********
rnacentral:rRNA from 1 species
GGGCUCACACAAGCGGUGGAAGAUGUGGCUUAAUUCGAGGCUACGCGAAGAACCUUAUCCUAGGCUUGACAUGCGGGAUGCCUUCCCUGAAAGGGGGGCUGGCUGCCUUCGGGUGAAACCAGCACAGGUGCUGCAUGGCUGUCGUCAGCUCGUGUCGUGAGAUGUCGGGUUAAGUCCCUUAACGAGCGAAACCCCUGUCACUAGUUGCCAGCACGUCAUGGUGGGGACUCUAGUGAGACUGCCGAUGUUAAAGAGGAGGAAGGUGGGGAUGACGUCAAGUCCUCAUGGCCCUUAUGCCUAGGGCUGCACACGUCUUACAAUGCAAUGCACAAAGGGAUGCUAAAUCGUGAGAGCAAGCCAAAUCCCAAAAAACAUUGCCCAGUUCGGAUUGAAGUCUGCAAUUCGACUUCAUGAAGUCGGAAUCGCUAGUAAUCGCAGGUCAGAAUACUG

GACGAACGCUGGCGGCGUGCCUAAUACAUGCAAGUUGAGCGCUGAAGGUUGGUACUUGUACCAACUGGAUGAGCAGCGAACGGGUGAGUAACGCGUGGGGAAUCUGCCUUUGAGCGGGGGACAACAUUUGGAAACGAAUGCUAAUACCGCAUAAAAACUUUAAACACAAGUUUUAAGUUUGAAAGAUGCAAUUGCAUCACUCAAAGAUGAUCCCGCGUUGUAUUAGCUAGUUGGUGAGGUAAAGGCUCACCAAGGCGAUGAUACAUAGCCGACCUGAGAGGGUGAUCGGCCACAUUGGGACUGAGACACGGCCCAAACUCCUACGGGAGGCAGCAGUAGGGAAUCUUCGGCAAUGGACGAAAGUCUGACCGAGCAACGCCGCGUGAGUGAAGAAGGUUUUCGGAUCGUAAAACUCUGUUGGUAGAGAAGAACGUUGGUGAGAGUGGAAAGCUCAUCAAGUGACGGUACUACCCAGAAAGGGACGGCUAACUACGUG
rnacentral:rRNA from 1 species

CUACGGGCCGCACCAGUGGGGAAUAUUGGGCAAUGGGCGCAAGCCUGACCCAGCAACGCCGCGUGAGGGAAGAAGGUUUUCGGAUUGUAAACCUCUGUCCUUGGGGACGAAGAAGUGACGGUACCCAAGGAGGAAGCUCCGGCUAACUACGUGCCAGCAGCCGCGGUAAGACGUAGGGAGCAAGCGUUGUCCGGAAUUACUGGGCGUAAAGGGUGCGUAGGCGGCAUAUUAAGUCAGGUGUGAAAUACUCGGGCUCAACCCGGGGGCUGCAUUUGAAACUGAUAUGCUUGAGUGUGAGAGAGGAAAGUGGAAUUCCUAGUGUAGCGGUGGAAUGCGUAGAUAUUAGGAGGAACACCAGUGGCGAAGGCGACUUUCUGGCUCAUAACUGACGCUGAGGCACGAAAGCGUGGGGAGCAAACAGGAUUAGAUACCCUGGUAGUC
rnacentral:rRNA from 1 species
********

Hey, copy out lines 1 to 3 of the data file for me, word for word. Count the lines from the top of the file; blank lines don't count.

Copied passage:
rnacentral:rRNA from 1 species
GGGCUCACACAAGCGGUGGAAGAUGUGGCUUAAUUCGAGGCUACGCGAAGAACCUUAUCCUAGGCUUGACAUGCGGGAUGCCUUCCCUGAAAGGGGGGCUGGCUGCCUUCGGGUGAAACCAGCACAGGUGCUGCAUGGCUGUCGUCAGCUCGUGUCGUGAGAUGUCGGGUUAAGUCCCUUAACGAGCGAAACCCCUGUCACUAGUUGCCAGCACGUCAUGGUGGGGACUCUAGUGAGACUGCCGAUGUUAAAGAGGAGGAAGGUGGGGAUGACGUCAAGUCCUCAUGGCCCUUAUGCCUAGGGCUGCACACGUCUUACAAUGCAAUGCACAAAGGGAUGCUAAAUCGUGAGAGCAAGCCAAAUCCCAAAAAACAUUGCCCAGUUCGGAUUGAAGUCUGCAAUUCGACUUCAUGAAGUCGGAAUCGCUAGUAAUCGCAGGUCAGAAUACUG

GACGAACGCUGGCGGCGUGCCUAAUACAUGCAAGUUGAGCGCUGAAGGUUGGUACUUGUACCAACUGGAUGAGCAGCGAACGGGUGAGUAACGCGUGGGGAAUCUGCCUUUGAGCGGGGGACAACAUUUGGAAACGAAUGCUAAUACCGCAUAAAAACUUUAAACACAAGUUUUAAGUUUGAAAGAUGCAAUUGCAUCACUCAAAGAUGAUCCCGCGUUGUAUUAGCUAGUUGGUGAGGUAAAGGCUCACCAAGGCGAUGAUACAUAGCCGACCUGAGAGGGUGAUCGGCCACAUUGGGACUGAGACACGGCCCAAACUCCUACGGGAGGCAGCAGUAGGGAAUCUUCGGCAAUGGACGAAAGUCUGACCGAGCAACGCCGCGUGAGUGAAGAAGGUUUUCGGAUCGUAAAACUCUGUUGGUAGAGAAGAACGUUGGUGAGAGUGGAAAGCUCAUCAAGUGACGGUACUACCCAGAAAGGGACGGCUAACUACGUG